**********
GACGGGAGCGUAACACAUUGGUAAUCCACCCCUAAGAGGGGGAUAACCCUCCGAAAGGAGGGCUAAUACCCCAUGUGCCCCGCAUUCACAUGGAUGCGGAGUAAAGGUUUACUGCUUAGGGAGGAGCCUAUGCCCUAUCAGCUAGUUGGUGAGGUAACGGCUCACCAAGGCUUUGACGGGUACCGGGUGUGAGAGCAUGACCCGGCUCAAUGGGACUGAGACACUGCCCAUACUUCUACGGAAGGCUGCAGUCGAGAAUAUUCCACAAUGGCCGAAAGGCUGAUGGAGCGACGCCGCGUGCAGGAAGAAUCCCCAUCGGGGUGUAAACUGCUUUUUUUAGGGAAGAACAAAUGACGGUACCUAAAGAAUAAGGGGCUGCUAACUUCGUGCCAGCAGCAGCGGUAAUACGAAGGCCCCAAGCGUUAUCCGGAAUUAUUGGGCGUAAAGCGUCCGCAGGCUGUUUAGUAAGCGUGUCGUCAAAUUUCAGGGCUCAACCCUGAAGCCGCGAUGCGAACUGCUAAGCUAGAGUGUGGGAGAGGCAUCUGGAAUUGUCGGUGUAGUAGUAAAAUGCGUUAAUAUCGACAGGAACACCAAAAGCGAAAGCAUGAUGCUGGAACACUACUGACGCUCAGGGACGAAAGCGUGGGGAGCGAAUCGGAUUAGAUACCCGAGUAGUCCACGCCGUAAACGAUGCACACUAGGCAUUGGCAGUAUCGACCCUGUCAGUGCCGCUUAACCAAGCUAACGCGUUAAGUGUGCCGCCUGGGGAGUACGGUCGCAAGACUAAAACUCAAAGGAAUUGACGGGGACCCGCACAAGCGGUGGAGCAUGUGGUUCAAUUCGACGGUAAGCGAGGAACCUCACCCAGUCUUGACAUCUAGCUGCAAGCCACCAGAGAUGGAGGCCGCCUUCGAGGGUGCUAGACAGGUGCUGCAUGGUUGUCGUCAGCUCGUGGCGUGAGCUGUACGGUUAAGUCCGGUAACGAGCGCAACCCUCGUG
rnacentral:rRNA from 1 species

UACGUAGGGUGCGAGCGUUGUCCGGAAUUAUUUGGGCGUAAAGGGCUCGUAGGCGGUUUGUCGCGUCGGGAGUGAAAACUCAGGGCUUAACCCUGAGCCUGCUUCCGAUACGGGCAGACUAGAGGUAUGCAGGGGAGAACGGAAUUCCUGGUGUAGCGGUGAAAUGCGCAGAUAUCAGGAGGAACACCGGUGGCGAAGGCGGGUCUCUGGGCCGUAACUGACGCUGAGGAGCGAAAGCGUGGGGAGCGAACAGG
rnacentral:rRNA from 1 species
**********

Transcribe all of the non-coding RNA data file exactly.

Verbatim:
GACGGGAGCGUAACACAUUGGUAAUCCACCCCUAAGAGGGGGAUAACCCUCCGAAAGGAGGGCUAAUACCCCAUGUGCCCCGCAUUCACAUGGAUGCGGAGUAAAGGUUUACUGCUUAGGGAGGAGCCUAUGCCCUAUCAGCUAGUUGGUGAGGUAACGGCUCACCAAGGCUUUGACGGGUACCGGGUGUGAGAGCAUGACCCGGCUCAAUGGGACUGAGACACUGCCCAUACUUCUACGGAAGGCUGCAGUCGAGAAUAUUCCACAAUGGCCGAAAGGCUGAUGGAGCGACGCCGCGUGCAGGAAGAAUCCCCAUCGGGGUGUAAACUGCUUUUUUUAGGGAAGAACAAAUGACGGUACCUAAAGAAUAAGGGGCUGCUAACUUCGUGCCAGCAGCAGCGGUAAUACGAAGGCCCCAAGCGUUAUCCGGAAUUAUUGGGCGUAAAGCGUCCGCAGGCUGUUUAGUAAGCGUGUCGUCAAAUUUCAGGGCUCAACCCUGAAGCCGCGAUGCGAACUGCUAAGCUAGAGUGUGGGAGAGGCAUCUGGAAUUGUCGGUGUAGUAGUAAAAUGCGUUAAUAUCGACAGGAACACCAAAAGCGAAAGCAUGAUGCUGGAACACUACUGACGCUCAGGGACGAAAGCGUGGGGAGCGAAUCGGAUUAGAUACCCGAGUAGUCCACGCCGUAAACGAUGCACACUAGGCAUUGGCAGUAUCGACCCUGUCAGUGCCGCUUAACCAAGCUAACGCGUUAAGUGUGCCGCCUGGGGAGUACGGUCGCAAGACUAAAACUCAAAGGAAUUGACGGGGACCCGCACAAGCGGUGGAGCAUGUGGUUCAAUUCGACGGUAAGCGAGGAACCUCACCCAGUCUUGACAUCUAGCUGCAAGCCACCAGAGAUGGAGGCCGCCUUCGAGGGUGCUAGACAGGUGCUGCAUGGUUGUCGUCAGCUCGUGGCGUGAGCUGUACGGUUAAGUCCGGUAACGAGCGCAACCCUCGUG
rnacentral:rRNA from 1 species

UACGUAGGGUGCGAGCGUUGUCCGGAAUUAUUUGGGCGUAAAGGGCUCGUAGGCGGUUUGUCGCGUCGGGAGUGAAAACUCAGGGCUUAACCCUGAGCCUGCUUCCGAUACGGGCAGACUAGAGGUAUGCAGGGGAGAACGGAAUUCCUGGUGUAGCGGUGAAAUGCGCAGAUAUCAGGAGGAACACCGGUGGCGAAGGCGGGUCUCUGGGCCGUAACUGACGCUGAGGAGCGAAAGCGUGGGGAGCGAACAGG
rnacentral:rRNA from 1 species